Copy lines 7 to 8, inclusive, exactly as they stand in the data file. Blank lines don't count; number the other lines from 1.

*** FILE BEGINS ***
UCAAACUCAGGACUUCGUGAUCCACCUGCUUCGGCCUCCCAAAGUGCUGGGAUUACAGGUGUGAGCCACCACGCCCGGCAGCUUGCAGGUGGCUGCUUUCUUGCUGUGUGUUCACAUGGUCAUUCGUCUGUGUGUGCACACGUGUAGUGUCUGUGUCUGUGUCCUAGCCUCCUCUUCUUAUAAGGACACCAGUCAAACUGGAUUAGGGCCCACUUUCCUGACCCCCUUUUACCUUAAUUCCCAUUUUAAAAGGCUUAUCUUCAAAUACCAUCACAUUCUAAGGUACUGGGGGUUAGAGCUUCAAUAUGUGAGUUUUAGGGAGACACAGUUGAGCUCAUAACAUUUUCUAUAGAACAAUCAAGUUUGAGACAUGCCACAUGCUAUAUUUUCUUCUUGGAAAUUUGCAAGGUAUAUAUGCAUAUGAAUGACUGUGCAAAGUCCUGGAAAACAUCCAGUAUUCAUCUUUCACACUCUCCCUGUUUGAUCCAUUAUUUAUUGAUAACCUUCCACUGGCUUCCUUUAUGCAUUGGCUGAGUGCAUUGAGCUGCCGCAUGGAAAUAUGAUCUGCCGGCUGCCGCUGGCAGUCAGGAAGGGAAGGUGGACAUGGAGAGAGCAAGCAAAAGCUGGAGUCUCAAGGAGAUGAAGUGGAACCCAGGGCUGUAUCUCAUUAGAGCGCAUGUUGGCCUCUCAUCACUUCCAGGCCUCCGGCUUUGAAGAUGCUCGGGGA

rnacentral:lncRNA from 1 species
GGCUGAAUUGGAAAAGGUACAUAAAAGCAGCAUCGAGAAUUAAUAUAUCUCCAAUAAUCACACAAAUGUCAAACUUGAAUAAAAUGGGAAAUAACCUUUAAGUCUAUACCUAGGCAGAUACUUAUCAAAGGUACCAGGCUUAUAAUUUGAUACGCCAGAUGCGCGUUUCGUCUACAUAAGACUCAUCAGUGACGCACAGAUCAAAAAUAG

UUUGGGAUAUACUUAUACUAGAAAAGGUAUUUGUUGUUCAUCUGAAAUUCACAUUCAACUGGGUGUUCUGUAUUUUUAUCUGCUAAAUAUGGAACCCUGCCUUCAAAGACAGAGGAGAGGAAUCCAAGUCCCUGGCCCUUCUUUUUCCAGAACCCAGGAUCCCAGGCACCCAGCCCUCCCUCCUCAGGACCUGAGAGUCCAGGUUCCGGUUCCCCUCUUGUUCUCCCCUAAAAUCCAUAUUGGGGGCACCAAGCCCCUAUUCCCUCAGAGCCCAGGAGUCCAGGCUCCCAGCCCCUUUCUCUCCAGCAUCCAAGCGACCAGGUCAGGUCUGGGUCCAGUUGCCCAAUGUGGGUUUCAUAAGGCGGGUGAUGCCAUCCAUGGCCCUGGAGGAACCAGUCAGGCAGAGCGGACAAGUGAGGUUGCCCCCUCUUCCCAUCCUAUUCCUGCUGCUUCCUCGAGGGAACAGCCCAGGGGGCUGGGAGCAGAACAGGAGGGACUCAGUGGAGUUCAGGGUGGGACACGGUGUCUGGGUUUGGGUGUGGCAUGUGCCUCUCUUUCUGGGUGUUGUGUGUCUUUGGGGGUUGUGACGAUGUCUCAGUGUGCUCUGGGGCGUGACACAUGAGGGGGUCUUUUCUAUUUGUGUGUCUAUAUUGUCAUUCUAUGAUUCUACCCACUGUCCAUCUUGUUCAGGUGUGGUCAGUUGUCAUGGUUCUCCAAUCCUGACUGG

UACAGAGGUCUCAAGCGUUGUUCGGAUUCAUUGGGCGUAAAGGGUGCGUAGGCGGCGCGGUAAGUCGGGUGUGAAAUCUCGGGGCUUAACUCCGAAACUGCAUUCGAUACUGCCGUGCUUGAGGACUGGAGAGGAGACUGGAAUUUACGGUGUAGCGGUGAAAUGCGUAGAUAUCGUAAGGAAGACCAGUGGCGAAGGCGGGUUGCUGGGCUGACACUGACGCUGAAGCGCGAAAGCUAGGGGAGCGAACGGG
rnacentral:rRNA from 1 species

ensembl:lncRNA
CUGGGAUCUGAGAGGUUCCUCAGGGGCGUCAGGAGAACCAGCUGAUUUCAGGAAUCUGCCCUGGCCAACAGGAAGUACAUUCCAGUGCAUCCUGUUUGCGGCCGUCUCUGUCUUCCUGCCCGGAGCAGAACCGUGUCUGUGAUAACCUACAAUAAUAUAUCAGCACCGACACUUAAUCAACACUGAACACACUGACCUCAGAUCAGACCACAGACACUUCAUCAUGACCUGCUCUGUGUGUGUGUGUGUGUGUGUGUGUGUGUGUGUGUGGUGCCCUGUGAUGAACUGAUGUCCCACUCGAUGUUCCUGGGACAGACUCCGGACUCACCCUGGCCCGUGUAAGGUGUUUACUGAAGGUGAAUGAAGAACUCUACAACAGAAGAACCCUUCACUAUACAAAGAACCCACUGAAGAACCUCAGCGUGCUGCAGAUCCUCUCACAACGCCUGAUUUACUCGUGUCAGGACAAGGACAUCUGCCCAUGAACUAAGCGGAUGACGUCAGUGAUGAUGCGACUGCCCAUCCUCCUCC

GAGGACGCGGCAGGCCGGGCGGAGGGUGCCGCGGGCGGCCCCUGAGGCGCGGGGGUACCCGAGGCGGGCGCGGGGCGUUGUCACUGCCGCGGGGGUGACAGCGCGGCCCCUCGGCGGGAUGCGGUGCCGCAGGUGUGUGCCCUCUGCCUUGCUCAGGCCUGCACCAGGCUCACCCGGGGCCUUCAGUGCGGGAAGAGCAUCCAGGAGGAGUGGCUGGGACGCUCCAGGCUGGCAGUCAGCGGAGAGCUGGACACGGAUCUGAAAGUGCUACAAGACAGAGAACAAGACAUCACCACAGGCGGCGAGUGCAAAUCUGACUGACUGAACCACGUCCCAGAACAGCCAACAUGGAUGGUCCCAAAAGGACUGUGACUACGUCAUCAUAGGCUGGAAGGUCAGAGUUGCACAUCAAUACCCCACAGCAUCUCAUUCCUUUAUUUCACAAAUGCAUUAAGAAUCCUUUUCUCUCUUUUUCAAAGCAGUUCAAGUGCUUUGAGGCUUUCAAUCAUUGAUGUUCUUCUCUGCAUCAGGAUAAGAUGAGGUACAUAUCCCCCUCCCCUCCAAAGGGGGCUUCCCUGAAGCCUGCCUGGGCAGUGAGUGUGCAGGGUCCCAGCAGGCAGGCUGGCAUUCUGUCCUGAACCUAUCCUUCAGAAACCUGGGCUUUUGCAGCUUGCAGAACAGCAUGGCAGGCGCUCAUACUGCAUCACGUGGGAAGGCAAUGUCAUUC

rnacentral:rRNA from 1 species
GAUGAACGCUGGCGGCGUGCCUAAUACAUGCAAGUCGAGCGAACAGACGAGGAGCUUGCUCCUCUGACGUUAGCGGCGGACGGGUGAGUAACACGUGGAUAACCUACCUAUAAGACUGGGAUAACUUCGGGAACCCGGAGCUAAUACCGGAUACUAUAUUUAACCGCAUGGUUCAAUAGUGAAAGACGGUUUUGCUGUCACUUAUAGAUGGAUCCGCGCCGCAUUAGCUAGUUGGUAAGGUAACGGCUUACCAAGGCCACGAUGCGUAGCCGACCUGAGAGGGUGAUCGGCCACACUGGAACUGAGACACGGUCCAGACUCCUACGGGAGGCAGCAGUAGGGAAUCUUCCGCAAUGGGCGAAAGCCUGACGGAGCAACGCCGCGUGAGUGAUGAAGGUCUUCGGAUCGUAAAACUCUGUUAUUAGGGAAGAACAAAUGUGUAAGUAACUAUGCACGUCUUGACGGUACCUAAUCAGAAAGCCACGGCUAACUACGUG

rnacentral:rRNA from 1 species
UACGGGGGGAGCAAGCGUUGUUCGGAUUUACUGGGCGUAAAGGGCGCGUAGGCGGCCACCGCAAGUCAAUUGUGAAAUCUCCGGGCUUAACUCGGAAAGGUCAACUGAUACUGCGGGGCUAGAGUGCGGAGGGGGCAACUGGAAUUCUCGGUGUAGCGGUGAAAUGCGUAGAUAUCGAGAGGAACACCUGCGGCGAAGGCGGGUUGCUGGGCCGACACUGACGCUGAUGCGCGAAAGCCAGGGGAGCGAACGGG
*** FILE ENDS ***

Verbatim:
ensembl:lncRNA
CUGGGAUCUGAGAGGUUCCUCAGGGGCGUCAGGAGAACCAGCUGAUUUCAGGAAUCUGCCCUGGCCAACAGGAAGUACAUUCCAGUGCAUCCUGUUUGCGGCCGUCUCUGUCUUCCUGCCCGGAGCAGAACCGUGUCUGUGAUAACCUACAAUAAUAUAUCAGCACCGACACUUAAUCAACACUGAACACACUGACCUCAGAUCAGACCACAGACACUUCAUCAUGACCUGCUCUGUGUGUGUGUGUGUGUGUGUGUGUGUGUGUGUGUGGUGCCCUGUGAUGAACUGAUGUCCCACUCGAUGUUCCUGGGACAGACUCCGGACUCACCCUGGCCCGUGUAAGGUGUUUACUGAAGGUGAAUGAAGAACUCUACAACAGAAGAACCCUUCACUAUACAAAGAACCCACUGAAGAACCUCAGCGUGCUGCAGAUCCUCUCACAACGCCUGAUUUACUCGUGUCAGGACAAGGACAUCUGCCCAUGAACUAAGCGGAUGACGUCAGUGAUGAUGCGACUGCCCAUCCUCCUCC